Appeal from the Circuit Court of Morgan County; the Hon. JOHN
B. WRIGHT, Judge, presiding. Reversed and remanded.
The Village of South Jacksonville initiated this proceedings to spread an assessment to cover a portion of the cost of constructing concrete pavement, curb and gutter, and a storm sewer on a portion of two village streets. Appellee property owners filed a number of objections. Certain objections were sustained by the trial court and the petition of the Village was dismissed. This appeal followed.
The objections which were sustained by the trial court and upon which its judgment of dismissal was based presents these points: (1) that the district to be benefited by the proposed sewer improvement was not defined or its boundaries fixed as the statute requires, (2) that the proposed assessment was for two separate improvements, and (3) that a street pavement, curb, gutter, and storm sewer improvement cannot be assessed in one proceeding.
This controversy was bred in that section of the Municipal Code providing for the equitable apportionment of cost between the public and private property to be benefited by the improvement. Ill Rev Stats (1963), c 24, § 9-2-45. The sentence to which the finger is pointed reads as follows:
"When the proposed improvement is for the construction of a sewer, it is the duty of such officer to investigate and report the district which will be benefited by the proposed sewer, describing the district by boundaries."
It is clear that there was no attempt to do this.
It is the position of the objectors that statutory compliance is mandatory whether it is a sole sewer improvement project or a sewer project which is an adjunct of another improvement. They apparently draw no distinction between a storm and sanitary sewer but here insist, as they did in the trial court, that we have a street paving improvement and a storm sewer improvement thus two different projects. The Village takes the position that this is a street paving improvement with a storm sewer as a more or less necessary incidental part and thus the statute does not apply.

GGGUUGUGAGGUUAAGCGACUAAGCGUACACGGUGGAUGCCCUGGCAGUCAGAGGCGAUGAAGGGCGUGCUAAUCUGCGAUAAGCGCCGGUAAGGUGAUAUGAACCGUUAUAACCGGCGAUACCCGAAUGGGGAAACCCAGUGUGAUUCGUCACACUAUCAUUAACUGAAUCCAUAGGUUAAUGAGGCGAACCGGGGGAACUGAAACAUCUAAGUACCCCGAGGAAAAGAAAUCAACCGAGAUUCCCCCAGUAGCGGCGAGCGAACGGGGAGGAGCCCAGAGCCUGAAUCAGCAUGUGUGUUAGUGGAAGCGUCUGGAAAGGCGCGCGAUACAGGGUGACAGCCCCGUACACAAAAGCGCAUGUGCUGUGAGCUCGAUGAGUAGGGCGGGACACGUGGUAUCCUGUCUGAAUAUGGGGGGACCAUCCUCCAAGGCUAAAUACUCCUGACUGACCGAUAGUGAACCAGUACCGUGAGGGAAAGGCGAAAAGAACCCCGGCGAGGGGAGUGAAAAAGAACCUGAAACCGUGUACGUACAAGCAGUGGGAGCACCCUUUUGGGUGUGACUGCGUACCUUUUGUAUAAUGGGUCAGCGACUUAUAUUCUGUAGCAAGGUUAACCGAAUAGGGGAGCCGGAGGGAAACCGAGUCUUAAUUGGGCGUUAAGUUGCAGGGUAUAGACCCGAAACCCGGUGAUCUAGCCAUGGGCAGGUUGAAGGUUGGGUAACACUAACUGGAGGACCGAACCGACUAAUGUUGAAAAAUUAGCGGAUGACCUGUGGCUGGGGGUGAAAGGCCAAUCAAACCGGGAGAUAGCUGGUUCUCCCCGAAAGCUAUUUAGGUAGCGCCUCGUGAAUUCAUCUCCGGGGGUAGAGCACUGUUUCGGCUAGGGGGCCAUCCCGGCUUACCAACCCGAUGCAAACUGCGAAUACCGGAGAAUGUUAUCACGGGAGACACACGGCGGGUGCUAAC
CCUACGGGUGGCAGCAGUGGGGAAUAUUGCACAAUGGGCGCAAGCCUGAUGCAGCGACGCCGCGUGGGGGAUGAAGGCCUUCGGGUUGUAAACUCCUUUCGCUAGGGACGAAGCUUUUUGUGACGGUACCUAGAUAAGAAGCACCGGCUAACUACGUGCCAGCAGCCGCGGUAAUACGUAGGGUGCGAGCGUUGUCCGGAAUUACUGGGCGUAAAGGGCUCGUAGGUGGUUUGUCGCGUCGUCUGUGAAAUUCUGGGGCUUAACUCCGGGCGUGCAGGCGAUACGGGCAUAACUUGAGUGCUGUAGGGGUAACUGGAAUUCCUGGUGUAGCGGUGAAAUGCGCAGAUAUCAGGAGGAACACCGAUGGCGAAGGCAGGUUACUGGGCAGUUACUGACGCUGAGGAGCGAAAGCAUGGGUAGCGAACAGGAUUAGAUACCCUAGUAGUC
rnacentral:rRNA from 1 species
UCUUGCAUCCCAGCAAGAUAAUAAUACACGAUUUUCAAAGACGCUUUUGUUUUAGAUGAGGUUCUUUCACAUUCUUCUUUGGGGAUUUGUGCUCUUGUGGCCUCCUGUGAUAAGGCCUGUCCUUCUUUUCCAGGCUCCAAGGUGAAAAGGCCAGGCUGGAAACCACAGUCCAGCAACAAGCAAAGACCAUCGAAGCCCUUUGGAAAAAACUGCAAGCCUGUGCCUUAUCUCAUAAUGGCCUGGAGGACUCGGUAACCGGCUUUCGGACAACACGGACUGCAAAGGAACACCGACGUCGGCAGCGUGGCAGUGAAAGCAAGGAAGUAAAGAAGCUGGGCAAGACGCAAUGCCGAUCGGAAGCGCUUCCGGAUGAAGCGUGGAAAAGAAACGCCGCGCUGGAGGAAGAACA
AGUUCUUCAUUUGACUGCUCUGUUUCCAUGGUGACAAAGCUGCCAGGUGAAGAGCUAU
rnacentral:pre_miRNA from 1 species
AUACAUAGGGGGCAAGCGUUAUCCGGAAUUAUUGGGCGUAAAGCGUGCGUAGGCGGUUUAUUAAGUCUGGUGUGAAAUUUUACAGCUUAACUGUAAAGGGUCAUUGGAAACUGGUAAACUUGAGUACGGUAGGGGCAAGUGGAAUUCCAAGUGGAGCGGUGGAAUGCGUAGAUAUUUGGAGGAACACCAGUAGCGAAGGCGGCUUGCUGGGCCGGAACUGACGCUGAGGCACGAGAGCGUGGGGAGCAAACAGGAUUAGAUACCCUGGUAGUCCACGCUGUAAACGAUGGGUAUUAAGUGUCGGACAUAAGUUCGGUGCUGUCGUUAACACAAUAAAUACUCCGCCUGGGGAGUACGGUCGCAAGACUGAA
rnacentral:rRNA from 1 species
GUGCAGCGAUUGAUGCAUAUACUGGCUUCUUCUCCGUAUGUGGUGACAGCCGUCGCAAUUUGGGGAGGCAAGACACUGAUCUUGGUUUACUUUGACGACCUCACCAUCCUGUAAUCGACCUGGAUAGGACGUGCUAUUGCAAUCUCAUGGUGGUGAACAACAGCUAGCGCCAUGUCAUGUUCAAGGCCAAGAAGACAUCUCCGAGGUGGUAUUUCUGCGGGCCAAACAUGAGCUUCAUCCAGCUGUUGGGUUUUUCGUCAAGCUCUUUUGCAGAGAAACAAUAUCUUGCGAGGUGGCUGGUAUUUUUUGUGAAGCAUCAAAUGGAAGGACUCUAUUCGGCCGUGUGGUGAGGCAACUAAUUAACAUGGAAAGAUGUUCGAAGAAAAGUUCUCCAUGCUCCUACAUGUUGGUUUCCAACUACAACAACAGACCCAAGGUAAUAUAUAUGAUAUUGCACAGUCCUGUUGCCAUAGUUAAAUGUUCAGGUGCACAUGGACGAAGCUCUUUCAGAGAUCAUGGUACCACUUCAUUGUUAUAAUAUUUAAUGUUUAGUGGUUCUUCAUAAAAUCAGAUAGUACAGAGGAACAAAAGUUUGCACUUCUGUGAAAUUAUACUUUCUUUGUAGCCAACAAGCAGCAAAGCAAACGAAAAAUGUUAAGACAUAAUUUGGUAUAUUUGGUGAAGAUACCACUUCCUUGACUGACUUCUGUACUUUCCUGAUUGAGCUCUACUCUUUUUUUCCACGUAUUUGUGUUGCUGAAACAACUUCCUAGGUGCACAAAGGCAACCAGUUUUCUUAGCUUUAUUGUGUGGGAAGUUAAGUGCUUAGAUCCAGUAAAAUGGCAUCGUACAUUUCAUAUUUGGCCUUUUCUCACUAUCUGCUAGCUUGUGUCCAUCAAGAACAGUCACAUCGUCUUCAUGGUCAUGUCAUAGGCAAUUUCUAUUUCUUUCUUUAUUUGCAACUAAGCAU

The engineer who prepared the street paving plans and specifications testified:
"I made plans and specifications on this project that also included a storm sewer. I did not make any investigation prior to drafting the plans and specifications as to the district that would be benefited by the proposed storm sewer describing the district by boundaries. I do not know the area at this time that will be benefited by the proposed storm sewer."
"Whether or not what we have designed, so far as this storm sewer is concerned, drains an area which far exceeds that which is covered by the actual assessment for the storm sewer for these individuals depend on the meaning of drains . . . there is water from an area outside the area of the storm sewer and street improvement which flows overland and is intercepted or picked up by our proposed storm sewers on these two street improvements. It does flow into the project eventually. There is water being collected within the improvement that is from outside the improvement, from property that is not included in the property owners in this assessment and from streets that are not within this assessment."
"This storm sewer does not in any way increase, decrease, facilitate or hinder the drainage of water from areas not adjacent to the street . . . such as area of Pennsylvania Avenue. The existing drains on the streets at this time, as far as I know, is all open ditches."
This testimony suggests that the proposed project comes squarely within the case of City of Carbondale v. Walker, 240 Ill. 18, ...